In the talking circle method, for example, objects symbolize the connection of participants to each other and the collective construction of knowledge. (p. 17)

It is thus clear from these examples that cultural artifacts store world­ views and can be used as stimulants in individual and focus group inter­ views. These cultural artifacts, which include pottery, sculptures, home painting, and basket weaving by ordinary women and men, may bring to life worldviews, topics, and other categories of thought otherwise missing in the literature. (p. 17)

Bamana women of Mali are the creators of the unique cloth design called bogolanfini (mud cloth), (p. 18) The Bamana cloth design captures others forms of representing and stor­ing information. These forms of writing and storing information have to be recognized, collected, and brought to interviews with sages so that they can be analyzed and interpreted for use as baseline literature on research topics of interest. (p. 18)


From the discussion in this chapter, we can draw the following principles about a postcolonial indigenous interview.

  1. The interview process is guided by a relational way of knowing and therefore brings into the process objects that communicate equality among participants; recognize and celebrate participants' connection to each other and to the environment; and teach respect, love, and harmony among all those participating in the interview process.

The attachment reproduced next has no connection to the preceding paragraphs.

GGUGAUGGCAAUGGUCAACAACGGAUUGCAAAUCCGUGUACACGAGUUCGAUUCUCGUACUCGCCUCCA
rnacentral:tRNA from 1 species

2. The researched, who are the knowers, draw from their web of connec­tion with land, the environment, the living, and the nonliving to engage in a dialogue on the issue of discussion.
  3. The research participants have the following roles among others: cri­tiquing the literature written about them; bringing to the discussion indigenous knowledge such as worldviews, the myths, folktales, lan­guage, and proverbs that inform their frames of reference; and entering into a dialogue with the researcher on the researcher's questions of interest. (p. 19)

Starting the interview. Indigenous research is viewed as ceremony. (p. 20)

About the participants and the researcher. (p. 20)

Rituals and symbolism during the interview. (p. 20)

Giving voice to the participants. (p. 20)


  • The conventional interview method works within a standard vocabulary, terms, concepts, and categories of analysis informed by Western academic disciplines with their associated theories and a Western social science research culture with its emphasis on the individual as the social unit of focus.
  • In postcolonial indigenous societies, researchers conduct interviews as privileged elites and knowers who are researching and operating with Western models of thought and conducting interviews within frame­works of Othering ideologies supported by deficit theories and literature that constructs the researched as the problem.
  • Researchers should use indigenous knowledge to guide interview ques­tion structures, types of questions asked, and data analysis procedures.
  • Researchers should recognize indigenous people who have expertise and knowledge.
  • Researchers should highlight reviewed literature about the researched and dialogue with the researched to enable them to participate in a cri­tique of the literature produced about them. (p. 22)